I’d also theorize that there are some market factors underlying this trend. The hardest market niche to break into is the middle; the edges of the market are easier. And in our industry (my take here…feel free to disagree), the edges are huge agencies, which base their hiring primarily or even exclusively on their own tests, and direct clients, who will trust that you can do what you say you can do. In the middle, you’re mostly looking at small to medium agencies, which often, and understandably, have barriers to entry such as three to five years’ experience, ATA certification or a Master’s in translation, and thus are not a great option for people with solid skills but not much experience. A typical student in this situation will tell me something like The higher-quality agencies won’t take me because I don’t have enough experience, and I’m not interested in working for the Wal-Marts of translation or they don’t need my specialization, so I’m thinking of just going straight to direct clients.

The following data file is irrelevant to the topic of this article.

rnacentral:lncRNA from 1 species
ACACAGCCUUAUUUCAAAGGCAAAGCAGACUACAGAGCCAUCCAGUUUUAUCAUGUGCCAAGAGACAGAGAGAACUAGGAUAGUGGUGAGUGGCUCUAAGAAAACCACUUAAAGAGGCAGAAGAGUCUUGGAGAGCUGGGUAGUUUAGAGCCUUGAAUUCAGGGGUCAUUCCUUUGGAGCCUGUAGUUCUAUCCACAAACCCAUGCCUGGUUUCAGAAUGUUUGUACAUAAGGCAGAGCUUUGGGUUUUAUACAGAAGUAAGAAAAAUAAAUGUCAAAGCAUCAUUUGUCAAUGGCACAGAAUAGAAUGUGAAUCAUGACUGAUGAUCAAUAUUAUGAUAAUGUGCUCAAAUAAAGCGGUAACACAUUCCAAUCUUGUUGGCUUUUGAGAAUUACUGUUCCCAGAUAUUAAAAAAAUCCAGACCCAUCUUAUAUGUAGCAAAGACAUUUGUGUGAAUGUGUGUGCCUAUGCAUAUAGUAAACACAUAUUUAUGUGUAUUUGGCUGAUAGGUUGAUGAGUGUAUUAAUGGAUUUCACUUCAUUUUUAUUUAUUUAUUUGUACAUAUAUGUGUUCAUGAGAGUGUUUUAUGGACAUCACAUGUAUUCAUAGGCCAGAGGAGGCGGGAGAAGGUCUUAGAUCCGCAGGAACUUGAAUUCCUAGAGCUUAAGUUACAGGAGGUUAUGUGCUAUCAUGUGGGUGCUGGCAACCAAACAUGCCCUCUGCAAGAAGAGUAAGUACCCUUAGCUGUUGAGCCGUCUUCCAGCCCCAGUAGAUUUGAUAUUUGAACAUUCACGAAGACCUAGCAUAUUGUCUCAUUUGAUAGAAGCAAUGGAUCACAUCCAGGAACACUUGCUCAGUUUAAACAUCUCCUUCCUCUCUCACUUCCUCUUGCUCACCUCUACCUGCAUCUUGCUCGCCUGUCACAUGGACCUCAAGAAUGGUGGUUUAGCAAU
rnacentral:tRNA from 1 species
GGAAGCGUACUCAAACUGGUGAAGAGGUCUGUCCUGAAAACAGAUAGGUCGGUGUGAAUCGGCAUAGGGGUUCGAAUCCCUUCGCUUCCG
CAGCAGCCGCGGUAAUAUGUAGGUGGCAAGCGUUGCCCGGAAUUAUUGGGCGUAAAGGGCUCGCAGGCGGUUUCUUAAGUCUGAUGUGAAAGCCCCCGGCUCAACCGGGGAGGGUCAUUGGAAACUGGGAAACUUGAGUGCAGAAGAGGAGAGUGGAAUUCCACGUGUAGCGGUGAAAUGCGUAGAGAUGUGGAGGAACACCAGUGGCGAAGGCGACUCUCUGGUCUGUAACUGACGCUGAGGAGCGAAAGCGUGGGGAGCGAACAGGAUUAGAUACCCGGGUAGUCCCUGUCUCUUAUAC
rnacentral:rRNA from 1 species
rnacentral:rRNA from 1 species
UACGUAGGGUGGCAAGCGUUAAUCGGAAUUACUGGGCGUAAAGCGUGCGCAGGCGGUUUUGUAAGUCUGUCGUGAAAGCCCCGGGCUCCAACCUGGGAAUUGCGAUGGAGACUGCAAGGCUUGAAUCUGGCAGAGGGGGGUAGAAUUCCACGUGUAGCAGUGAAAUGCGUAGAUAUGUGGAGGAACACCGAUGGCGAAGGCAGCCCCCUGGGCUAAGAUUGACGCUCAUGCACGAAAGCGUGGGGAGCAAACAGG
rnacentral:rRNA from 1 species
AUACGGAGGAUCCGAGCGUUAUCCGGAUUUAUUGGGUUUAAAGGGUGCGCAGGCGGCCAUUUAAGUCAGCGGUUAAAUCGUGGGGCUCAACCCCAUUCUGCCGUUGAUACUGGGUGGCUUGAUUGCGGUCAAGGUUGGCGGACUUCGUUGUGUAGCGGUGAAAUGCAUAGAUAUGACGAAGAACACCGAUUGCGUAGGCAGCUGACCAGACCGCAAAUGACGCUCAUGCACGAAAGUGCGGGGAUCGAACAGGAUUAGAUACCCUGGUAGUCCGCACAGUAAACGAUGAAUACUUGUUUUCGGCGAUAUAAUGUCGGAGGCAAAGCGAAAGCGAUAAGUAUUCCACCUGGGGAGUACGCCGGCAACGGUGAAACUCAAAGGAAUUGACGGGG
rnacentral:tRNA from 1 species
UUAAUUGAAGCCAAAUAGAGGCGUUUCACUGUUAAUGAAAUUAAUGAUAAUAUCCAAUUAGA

My honest answer to the direct-to-direct client question is “I’m not sure…I see pluses and minuses.” On the plus side:

  • For translators who work in specializations that many agencies don’t handle (sports marketing, art history, nanotechnology), it may be the only way to pursue that specialization.
  • For translators who work in language pairs with a lot of downward price pressure (English-Spanish, English-Russian, etc.), direct clients offer a way around the reverse auction scene that prevails on online job boards.